Six things I learned at SIGIR22
This year’s SIGIR was a hybrid event with the in-person part taking place in Madrid. Here's a recap.
It's always nice to have the opportunity to meet people who share the same passion for information retrieval (IR), and the SIGIR conference is a great place to do this. This year’s SIGIR was a hybrid event with the in-person part taking place in Madrid (11-15 July). My main motivation for attending it was to learn about state-of-the-art evaluation in IR and about current challenges in the IR community. I wanted to be there in person as, in virtual events, I find it harder to get into conversations with topic experts and learn about interesting new but related topics just by coincidence.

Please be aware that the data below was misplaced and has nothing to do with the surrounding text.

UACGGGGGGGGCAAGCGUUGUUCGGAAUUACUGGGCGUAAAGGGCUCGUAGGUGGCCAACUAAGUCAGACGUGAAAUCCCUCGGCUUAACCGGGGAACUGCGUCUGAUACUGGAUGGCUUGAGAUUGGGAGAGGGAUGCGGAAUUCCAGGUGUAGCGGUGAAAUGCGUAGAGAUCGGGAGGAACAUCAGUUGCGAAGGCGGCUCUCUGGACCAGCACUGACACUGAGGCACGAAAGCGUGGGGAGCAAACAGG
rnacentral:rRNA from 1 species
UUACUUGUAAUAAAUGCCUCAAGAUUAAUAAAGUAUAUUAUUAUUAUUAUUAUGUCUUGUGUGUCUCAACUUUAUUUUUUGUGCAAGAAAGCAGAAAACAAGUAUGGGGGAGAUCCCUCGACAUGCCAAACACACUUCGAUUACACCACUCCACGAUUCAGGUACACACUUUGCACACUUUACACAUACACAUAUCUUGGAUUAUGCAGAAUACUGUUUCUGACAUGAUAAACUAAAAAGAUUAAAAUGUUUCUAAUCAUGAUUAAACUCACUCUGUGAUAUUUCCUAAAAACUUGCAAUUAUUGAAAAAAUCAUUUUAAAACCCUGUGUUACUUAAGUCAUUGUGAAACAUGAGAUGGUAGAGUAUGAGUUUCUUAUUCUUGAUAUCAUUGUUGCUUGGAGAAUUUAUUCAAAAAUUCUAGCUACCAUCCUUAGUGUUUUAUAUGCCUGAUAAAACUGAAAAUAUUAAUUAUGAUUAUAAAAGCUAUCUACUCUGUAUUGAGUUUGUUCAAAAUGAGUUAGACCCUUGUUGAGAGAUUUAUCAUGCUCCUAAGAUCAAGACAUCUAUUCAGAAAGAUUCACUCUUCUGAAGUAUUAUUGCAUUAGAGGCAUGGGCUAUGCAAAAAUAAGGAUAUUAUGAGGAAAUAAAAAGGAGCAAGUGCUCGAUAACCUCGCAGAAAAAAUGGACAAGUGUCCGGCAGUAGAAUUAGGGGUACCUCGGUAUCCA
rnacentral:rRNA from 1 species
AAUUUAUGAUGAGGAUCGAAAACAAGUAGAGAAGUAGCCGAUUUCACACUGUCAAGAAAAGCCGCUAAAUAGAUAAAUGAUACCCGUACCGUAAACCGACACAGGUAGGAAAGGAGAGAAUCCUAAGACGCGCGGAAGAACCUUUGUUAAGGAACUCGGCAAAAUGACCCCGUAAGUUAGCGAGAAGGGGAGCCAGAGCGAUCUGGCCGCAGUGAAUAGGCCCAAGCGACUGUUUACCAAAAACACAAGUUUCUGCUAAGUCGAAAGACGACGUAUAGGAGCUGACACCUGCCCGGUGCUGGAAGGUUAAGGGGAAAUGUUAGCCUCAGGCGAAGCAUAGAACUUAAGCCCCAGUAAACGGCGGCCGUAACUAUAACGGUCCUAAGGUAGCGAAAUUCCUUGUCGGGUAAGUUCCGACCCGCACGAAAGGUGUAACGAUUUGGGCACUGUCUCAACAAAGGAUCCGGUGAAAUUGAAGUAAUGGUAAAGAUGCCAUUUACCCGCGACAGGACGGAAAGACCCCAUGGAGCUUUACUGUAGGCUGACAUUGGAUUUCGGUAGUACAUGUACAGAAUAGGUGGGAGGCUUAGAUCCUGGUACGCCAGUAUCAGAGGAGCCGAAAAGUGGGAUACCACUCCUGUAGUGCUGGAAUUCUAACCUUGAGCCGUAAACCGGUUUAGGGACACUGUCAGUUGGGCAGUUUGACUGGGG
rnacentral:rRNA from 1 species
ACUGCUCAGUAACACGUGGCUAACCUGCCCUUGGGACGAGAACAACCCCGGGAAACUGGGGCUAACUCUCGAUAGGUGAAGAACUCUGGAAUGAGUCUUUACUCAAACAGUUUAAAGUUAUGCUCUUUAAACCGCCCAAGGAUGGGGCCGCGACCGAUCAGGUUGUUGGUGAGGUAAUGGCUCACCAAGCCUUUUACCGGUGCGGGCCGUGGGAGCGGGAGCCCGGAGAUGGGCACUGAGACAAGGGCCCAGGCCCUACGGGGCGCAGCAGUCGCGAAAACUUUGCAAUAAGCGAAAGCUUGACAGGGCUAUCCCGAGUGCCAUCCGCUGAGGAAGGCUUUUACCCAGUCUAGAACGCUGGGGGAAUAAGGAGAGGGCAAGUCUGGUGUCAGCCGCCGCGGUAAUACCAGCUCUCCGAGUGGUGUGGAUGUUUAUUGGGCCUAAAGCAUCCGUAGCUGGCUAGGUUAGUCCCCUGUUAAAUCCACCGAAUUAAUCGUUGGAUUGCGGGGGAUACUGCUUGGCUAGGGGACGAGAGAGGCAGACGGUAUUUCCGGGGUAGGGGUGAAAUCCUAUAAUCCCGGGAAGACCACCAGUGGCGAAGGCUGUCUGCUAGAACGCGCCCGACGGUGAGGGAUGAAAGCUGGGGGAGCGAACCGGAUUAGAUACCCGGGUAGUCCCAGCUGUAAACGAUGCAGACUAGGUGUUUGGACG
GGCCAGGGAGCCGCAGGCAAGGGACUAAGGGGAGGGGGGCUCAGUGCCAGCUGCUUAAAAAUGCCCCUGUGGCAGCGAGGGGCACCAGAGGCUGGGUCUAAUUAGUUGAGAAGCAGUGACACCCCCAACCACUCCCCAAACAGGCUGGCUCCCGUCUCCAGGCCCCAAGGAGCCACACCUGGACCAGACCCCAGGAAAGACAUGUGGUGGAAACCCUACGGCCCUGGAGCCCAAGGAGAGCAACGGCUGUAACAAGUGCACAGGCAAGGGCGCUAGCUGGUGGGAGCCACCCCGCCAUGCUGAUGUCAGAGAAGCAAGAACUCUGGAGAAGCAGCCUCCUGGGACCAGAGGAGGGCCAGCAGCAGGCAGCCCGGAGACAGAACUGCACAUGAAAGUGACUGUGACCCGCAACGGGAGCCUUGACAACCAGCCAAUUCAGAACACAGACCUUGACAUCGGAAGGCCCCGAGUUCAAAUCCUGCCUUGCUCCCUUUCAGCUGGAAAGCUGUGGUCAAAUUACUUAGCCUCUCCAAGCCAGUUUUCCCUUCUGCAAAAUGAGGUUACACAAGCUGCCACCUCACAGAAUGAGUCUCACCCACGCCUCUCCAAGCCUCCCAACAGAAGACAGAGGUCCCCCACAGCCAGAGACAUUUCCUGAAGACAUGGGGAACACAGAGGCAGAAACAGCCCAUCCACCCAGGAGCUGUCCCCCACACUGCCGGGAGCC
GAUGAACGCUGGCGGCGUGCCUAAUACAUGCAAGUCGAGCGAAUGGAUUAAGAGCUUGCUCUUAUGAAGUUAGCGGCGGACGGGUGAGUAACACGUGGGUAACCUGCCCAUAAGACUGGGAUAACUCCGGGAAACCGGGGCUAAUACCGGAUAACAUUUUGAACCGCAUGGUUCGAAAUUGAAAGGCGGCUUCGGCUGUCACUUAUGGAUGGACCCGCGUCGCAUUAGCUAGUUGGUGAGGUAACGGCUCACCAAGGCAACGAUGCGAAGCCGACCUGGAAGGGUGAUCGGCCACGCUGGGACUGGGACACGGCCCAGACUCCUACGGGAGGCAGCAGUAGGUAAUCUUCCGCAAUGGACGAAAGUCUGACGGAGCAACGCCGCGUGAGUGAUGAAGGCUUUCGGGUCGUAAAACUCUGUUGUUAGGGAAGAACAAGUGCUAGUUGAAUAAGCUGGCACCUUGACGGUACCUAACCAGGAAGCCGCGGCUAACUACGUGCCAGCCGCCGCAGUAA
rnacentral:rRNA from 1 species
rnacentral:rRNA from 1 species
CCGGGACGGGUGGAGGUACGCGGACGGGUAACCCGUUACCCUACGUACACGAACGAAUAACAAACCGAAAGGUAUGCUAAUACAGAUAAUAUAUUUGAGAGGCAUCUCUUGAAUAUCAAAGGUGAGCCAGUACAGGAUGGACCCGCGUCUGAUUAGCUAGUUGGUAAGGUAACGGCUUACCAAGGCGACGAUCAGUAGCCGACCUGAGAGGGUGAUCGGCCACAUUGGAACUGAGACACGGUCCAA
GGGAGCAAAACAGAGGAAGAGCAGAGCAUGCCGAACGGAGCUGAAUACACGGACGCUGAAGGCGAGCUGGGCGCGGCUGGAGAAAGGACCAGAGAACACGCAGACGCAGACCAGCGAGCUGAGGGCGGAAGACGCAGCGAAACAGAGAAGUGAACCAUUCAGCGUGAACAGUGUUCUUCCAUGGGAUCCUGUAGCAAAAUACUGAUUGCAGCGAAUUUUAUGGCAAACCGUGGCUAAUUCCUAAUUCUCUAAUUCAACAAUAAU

Demo Sessions Rock, Remote Talks Not So Much…
Two of the biggest strengths of this conference were the Short Paper and Demo Sessions. It was really easy to get in touch with the authors, as talks were held in person, and they were super motivated to explain their work. Also, you could ask as many questions as you wanted, dive into nice discussions, and just connect. I had several nice conversations about frozen phrases in Question Answering and explaining dense retrieval results. I also had a chance to chat with the authors of frameworks on IR evaluation (pyTerrier, Cherche, ir_metadata).